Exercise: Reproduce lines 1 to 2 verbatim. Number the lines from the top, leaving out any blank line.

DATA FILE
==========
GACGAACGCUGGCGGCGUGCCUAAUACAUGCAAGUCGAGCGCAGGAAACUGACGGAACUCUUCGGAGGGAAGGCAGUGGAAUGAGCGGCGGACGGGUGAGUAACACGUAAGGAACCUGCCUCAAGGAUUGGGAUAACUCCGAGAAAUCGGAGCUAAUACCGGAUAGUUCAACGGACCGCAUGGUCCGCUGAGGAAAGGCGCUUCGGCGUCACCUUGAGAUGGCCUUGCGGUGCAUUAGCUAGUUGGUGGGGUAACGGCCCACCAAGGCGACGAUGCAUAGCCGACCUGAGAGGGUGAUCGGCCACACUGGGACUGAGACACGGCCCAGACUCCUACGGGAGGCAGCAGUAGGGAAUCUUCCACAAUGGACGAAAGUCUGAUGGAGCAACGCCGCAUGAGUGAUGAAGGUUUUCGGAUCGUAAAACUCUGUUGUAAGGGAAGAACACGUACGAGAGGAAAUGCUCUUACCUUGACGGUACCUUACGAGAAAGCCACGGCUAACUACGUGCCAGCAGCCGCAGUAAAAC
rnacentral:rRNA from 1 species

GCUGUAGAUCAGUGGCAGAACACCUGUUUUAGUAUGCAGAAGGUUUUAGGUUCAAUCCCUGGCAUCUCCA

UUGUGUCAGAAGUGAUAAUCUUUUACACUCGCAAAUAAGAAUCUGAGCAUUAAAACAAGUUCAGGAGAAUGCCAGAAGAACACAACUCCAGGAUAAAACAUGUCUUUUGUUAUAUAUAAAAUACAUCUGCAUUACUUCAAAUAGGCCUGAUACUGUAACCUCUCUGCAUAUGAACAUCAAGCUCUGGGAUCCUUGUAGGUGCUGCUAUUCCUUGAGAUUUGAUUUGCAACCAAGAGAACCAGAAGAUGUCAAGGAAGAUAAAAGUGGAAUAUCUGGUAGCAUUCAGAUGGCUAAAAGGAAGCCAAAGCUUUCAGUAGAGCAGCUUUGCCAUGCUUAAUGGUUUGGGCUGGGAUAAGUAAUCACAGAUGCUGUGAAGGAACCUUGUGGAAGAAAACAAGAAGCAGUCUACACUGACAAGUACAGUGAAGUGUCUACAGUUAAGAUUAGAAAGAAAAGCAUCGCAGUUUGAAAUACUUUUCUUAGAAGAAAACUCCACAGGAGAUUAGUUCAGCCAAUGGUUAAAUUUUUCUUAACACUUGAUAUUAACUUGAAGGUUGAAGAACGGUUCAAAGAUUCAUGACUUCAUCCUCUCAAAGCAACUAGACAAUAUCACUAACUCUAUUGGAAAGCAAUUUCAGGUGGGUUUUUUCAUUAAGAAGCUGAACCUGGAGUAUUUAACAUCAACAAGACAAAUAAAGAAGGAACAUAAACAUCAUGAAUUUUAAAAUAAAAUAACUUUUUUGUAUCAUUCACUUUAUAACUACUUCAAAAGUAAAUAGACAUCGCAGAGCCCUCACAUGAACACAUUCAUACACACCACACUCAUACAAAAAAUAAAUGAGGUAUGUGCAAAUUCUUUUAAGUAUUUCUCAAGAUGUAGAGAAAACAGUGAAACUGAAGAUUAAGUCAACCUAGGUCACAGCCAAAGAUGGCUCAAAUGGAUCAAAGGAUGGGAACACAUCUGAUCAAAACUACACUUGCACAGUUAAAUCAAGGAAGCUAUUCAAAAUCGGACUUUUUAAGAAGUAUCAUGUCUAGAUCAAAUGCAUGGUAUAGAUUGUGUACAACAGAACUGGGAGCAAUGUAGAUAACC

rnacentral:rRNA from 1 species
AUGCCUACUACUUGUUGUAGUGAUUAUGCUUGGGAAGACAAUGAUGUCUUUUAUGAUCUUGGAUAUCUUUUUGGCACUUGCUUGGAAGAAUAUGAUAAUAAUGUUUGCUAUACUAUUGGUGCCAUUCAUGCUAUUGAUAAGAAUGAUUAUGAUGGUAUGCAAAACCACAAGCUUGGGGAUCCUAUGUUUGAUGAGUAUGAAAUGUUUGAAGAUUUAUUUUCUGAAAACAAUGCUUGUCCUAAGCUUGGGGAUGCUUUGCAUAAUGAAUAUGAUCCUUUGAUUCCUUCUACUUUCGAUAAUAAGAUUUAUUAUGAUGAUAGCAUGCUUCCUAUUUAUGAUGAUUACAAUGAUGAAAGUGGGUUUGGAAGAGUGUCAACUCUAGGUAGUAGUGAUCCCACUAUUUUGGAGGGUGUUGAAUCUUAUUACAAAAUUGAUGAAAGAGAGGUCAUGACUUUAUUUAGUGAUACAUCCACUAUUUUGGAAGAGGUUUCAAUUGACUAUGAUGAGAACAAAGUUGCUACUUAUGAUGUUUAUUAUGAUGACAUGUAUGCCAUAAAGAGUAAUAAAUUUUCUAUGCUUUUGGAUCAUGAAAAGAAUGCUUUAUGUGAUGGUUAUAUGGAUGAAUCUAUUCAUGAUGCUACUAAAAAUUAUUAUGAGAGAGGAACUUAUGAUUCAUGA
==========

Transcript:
GACGAACGCUGGCGGCGUGCCUAAUACAUGCAAGUCGAGCGCAGGAAACUGACGGAACUCUUCGGAGGGAAGGCAGUGGAAUGAGCGGCGGACGGGUGAGUAACACGUAAGGAACCUGCCUCAAGGAUUGGGAUAACUCCGAGAAAUCGGAGCUAAUACCGGAUAGUUCAACGGACCGCAUGGUCCGCUGAGGAAAGGCGCUUCGGCGUCACCUUGAGAUGGCCUUGCGGUGCAUUAGCUAGUUGGUGGGGUAACGGCCCACCAAGGCGACGAUGCAUAGCCGACCUGAGAGGGUGAUCGGCCACACUGGGACUGAGACACGGCCCAGACUCCUACGGGAGGCAGCAGUAGGGAAUCUUCCACAAUGGACGAAAGUCUGAUGGAGCAACGCCGCAUGAGUGAUGAAGGUUUUCGGAUCGUAAAACUCUGUUGUAAGGGAAGAACACGUACGAGAGGAAAUGCUCUUACCUUGACGGUACCUUACGAGAAAGCCACGGCUAACUACGUGCCAGCAGCCGCAGUAAAAC
rnacentral:rRNA from 1 species